Raita / Guacamole / Salsa Verde

Sometime last week Faye was inspired (that’s when I knew she was feeling better) to make a curry using Egyptian lentils, also known as whole masoor dal. She used a recipe from an old cookbook my dad had purchased many years ago from a bookstore at a railway station in India somewhere between Katpadi and New Delhi.

I don’t remember which railway station it was but I distinctly remember the occasion. It was late in the evening and my dad was exuberant to find a bookstore and almost missed the train as it was leaving the station. It wasn’t the type of reading material he was hoping for but thought it might interest my mom. The cookbook was copyrighted in 1956. I am quite certain that the author’s name was E. P. Veeraswamy and not Veerasawmy.


It was typical of my dad to hop on the train at the very last minute. There were always interesting people and animals on the railway station platforms for him to sketch on the ever present pad of paper in his shirt pocket. Fortunately the old coal and steam powered engines were slow to pick up speed and one could easily run and climb aboard before the train left the station. I did that many times myself. I guess I should mention that this was back in the late 1950s and early 1960s.

I have obviously veered far off topic, but since I am deep in the weeds I might as well show a few examples of my dad’s sketches. Well, maybe I shouldn’t but I will anyway.

Faye’s Dhal & Spinach Curry was delicious. She asked me to fix something appropriate to accompany it. What I came up with was a combination of raita, salsa verde and guacamole. The ingredients were:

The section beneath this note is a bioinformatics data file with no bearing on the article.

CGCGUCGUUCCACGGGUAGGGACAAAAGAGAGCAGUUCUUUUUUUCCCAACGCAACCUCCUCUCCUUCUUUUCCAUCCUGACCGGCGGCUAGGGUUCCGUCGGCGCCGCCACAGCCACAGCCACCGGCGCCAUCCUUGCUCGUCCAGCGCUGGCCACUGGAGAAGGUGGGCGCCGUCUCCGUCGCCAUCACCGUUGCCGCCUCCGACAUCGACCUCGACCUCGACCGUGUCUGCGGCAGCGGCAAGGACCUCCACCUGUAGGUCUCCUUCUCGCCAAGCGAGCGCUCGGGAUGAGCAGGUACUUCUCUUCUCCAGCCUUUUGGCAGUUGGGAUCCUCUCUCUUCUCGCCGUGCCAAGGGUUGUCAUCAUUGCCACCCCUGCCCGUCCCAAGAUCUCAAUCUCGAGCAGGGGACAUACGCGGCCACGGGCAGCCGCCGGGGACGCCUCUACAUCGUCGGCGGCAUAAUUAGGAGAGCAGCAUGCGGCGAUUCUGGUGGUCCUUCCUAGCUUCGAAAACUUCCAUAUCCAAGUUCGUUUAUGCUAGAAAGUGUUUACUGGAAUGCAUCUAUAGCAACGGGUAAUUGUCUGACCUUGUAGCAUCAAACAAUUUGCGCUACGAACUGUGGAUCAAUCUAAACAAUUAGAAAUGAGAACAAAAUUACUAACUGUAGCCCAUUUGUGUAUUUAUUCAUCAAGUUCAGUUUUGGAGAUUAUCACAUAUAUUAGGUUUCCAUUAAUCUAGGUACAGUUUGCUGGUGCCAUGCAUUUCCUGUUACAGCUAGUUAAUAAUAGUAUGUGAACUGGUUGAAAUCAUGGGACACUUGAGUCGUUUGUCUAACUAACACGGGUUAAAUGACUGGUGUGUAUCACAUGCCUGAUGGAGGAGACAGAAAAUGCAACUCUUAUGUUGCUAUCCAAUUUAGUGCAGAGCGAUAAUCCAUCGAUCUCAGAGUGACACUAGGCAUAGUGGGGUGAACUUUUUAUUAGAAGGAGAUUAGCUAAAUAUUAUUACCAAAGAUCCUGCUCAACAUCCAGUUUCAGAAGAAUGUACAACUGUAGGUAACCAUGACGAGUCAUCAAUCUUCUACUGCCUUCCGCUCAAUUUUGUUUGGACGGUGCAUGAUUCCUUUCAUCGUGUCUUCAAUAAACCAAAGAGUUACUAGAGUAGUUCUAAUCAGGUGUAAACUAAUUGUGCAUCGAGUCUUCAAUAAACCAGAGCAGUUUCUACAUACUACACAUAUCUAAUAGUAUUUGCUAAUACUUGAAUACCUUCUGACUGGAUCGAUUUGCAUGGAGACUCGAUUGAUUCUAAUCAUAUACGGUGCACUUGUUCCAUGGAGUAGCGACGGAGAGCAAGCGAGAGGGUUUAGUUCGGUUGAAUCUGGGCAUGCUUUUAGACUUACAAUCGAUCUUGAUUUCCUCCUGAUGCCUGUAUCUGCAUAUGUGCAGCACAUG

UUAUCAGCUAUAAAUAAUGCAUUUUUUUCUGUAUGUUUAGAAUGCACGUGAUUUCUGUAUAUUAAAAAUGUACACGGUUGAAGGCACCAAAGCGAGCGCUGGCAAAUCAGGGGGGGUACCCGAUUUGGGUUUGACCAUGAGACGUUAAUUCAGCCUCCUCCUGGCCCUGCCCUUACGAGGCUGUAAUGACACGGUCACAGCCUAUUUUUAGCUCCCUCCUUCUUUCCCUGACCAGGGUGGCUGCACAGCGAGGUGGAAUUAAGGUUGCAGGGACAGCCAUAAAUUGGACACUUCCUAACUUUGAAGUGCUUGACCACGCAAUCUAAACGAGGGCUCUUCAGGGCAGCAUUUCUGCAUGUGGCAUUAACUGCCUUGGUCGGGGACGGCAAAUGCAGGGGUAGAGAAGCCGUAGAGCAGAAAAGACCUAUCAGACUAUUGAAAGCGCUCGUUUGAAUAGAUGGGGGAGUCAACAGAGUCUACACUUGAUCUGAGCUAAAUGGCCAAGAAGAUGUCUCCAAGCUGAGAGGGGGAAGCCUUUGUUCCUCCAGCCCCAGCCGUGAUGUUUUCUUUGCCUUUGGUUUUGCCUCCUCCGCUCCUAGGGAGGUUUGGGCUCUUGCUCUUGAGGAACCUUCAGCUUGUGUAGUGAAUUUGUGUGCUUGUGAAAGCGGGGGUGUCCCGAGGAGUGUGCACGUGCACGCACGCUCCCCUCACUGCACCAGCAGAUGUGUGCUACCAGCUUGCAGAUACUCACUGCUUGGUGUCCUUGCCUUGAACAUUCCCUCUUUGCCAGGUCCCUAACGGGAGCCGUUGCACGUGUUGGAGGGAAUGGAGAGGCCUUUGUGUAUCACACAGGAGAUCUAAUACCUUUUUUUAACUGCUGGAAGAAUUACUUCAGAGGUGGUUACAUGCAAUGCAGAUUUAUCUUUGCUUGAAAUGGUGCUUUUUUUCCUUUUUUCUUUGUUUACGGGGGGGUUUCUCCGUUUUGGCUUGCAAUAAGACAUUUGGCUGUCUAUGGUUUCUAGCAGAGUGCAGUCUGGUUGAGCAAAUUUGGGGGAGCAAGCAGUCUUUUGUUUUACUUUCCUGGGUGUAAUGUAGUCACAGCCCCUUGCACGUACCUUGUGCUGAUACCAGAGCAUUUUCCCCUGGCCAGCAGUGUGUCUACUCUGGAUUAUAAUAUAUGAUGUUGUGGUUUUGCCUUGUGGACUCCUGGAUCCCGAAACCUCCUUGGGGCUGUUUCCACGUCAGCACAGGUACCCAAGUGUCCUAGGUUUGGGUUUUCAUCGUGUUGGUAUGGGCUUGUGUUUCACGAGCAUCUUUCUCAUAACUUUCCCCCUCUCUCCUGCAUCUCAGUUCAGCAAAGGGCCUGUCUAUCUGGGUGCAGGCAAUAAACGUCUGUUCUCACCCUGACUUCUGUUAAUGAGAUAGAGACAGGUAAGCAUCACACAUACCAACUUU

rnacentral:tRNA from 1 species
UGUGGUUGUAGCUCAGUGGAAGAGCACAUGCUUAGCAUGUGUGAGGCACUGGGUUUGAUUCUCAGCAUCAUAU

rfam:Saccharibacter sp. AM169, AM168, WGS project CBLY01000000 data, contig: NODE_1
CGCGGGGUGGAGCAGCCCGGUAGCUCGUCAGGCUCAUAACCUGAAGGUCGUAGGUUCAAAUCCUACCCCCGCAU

• nonfat Greek yogurt thinned with water
  • diced avocado
  • sweet onion
  • radish
  • jalapeño
  • cucumber
  • cilantro
  • orange bell pepper
  • store-bought salsa verde




8 thoughts on “Raita / Guacamole / Salsa Verde

  1. Your sauce looks a bit like a favorite of a friend that I have never tried – tzatziki. I have a big jar of green salsa that I think is mostly tomatillos. I should find more varied uses for it than just spread over an omelette or a burrito. Mixing it with sour cream or yogurt would take away some of the heat.

    I’ve just acquired an Instant Pot and used it today instead of my thermal cooker to make yogurt. It came out great. It was insulated enough that I did not need to plug it in, so it worked just like the thermal cooker!

    Virtual hugs,


    Liked by 1 person

    1. Raita and Tzatziki are very similar dishes from different parts of the world.
      I’ve always made yogurt by putting it on top of the freezer where it is warm or on a heating pad covered with a towel. The Instant Pot looks pretty handy!


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